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Excessive Builder Concessions

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Restrain

Thread Starter
Elite Member
Joined
Jan 22, 2002
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Certified General Appraiser
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Florida
In the late 80's at the beginning of the housing crunch, I started seeing untoward builder schemes, such as a Cadillac in the garage at closing, or a Sale Price of 125% of actual sale price so you could get an 80% loan, and there would not actually be any money changing hands at closing.

Well, it appears that these times are back. Saw a sign on a Pulte homes development. Closeout Special - FREE POOL with home.

Now, I want to see what an appraiser does with this concession, or if its even reported. Just hope I get a field review
 

Frederick R. Ruffell

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Jan 21, 2002
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California
No adjustment as the subject, cash equivalent adjustment if used as a comp. right?
 

Richard Carlsen

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Jan 15, 2002
Professional Status
Licensed Appraiser
State
Michigan
No adjustment of subject; no adjustment as a comp.

Do you think that perhaps and maybe the builder might just have considered the cost of putting an in-ground pool into his building costs and selling price before he broke ground?

If an in-ground pool was part of the deal and therefore was part of the sales price and became part of the real estate, then no concession is called for. The only time I consider concessions for adjustments is if they can get up and walk away or end up in the buyer’s bank account. If it is something that becomes part of the real property, I consider it as part of the property and part of the sale. No adjustment is then needed.
 

Mountain Man

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Jan 15, 2002
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Georgia
I wonder if his son owns a pool supply business intown. Had a pool before, don't want one again. Those things cost too much to keep them from turning green.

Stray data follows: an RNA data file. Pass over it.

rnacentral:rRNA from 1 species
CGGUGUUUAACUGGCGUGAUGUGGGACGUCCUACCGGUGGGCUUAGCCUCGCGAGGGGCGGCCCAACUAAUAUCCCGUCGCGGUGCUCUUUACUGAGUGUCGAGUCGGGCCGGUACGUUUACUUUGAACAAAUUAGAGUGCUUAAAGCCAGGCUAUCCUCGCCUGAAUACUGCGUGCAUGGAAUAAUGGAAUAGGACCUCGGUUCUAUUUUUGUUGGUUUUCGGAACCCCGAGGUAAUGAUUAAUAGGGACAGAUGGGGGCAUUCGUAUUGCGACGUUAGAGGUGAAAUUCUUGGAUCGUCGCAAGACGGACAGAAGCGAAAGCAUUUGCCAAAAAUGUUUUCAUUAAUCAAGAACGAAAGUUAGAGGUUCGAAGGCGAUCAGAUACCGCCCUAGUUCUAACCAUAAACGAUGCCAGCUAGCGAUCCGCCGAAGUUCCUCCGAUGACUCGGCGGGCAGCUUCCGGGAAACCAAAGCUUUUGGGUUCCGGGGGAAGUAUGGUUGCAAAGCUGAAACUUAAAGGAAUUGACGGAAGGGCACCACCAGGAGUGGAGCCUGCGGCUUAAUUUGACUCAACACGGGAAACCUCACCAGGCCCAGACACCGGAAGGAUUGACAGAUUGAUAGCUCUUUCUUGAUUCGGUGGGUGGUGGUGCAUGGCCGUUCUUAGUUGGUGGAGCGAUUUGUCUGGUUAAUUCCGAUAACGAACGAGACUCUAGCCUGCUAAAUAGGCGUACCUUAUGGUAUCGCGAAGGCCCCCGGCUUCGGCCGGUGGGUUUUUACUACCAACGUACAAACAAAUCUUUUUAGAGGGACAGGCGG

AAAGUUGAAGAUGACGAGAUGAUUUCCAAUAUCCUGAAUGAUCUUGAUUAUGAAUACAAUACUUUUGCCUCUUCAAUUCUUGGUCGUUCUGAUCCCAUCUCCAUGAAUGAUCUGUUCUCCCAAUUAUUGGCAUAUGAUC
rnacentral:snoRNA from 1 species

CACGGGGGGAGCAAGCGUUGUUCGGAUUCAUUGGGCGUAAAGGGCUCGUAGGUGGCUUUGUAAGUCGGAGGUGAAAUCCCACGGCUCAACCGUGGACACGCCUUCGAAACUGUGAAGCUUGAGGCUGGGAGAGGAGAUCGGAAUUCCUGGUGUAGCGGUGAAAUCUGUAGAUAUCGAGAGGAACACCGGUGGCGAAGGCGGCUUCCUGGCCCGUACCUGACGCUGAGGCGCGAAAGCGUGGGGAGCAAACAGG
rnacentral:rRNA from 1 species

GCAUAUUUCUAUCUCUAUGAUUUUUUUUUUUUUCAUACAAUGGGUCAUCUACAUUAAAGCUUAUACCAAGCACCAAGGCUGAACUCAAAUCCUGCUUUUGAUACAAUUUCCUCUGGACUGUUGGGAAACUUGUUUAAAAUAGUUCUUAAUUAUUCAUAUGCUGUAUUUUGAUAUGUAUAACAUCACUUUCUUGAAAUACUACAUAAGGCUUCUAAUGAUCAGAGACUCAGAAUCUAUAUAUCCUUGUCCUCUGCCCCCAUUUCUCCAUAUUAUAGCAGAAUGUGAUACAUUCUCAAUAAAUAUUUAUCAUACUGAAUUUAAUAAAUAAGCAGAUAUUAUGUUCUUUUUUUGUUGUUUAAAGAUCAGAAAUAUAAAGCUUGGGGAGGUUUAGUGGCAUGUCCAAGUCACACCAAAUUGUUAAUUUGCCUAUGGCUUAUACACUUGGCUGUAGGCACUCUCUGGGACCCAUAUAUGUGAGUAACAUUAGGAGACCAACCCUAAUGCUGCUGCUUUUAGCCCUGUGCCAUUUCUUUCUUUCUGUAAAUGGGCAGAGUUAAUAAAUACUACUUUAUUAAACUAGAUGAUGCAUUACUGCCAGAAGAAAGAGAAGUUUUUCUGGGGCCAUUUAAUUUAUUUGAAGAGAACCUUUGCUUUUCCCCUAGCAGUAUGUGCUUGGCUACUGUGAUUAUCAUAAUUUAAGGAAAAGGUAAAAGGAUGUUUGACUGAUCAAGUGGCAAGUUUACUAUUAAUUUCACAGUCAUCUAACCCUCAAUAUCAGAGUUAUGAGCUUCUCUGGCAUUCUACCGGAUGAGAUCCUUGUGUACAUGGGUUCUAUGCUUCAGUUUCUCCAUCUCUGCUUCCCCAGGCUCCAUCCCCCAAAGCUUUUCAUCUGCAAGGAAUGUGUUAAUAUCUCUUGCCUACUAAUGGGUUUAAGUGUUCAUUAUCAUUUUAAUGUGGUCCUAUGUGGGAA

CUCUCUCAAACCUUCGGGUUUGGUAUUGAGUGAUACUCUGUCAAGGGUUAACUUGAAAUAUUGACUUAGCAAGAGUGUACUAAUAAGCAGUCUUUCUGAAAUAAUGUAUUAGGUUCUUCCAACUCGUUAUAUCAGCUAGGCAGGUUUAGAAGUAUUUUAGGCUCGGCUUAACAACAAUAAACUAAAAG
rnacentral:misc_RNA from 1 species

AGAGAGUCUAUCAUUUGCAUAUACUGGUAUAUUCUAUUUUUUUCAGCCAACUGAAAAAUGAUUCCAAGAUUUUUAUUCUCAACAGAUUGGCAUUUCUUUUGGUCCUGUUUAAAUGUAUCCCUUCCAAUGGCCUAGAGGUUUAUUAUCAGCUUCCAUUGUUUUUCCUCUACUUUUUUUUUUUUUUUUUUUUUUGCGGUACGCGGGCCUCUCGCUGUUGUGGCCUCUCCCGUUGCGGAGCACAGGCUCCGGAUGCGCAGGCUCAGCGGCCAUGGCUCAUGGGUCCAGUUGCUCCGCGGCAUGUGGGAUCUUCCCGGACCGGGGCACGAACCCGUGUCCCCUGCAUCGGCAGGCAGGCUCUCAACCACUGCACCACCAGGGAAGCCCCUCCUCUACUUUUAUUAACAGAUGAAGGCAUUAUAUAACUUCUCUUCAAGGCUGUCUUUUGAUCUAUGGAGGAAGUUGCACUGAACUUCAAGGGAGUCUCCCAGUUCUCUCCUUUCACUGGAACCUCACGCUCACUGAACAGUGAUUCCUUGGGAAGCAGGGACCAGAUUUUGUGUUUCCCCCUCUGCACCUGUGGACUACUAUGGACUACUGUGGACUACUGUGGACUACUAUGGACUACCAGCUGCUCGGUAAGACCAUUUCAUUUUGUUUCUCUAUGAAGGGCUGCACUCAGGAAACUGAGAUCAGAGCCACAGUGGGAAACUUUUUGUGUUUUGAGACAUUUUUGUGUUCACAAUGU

Frederick R. Ruffell

Senior Member
Joined
Jan 21, 2002
Professional Status
Certified General Appraiser
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California
Richard how would you handle a builder's finance incentive. I recently appraised a new construction house where the builder had offered incentives in terms of loan discounts, i.e. the builder also did the loan on some but not all the homes.
 

Richard Carlsen

Elite Member
Joined
Jan 15, 2002
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Licensed Appraiser
State
Michigan
Financing incentives are not part of the real estate and therefore would be considered as concessions. Remember that the word Concession means a conceding and a thing conceded. The test of a concession is that the person conceding is actually giving up something. In other words, it is going form his pile to someone else’s pile. If the buyer gets the seller to contribute 5% of the sales price toward closing costs and pre-paids, that is a concession. If the normal selling practice is for the seller to contribute 4% to the buyer for this purpose, then there is only a 1% concession. If the house is priced at $82,900 and the sales price is raised to $87,263 with the seller paying 5% of the buyers closing costs, there is no concession since nothing is being given up by the seller ($87,263 - 5% = $82,900 which was the listing price the seller would accept when offered).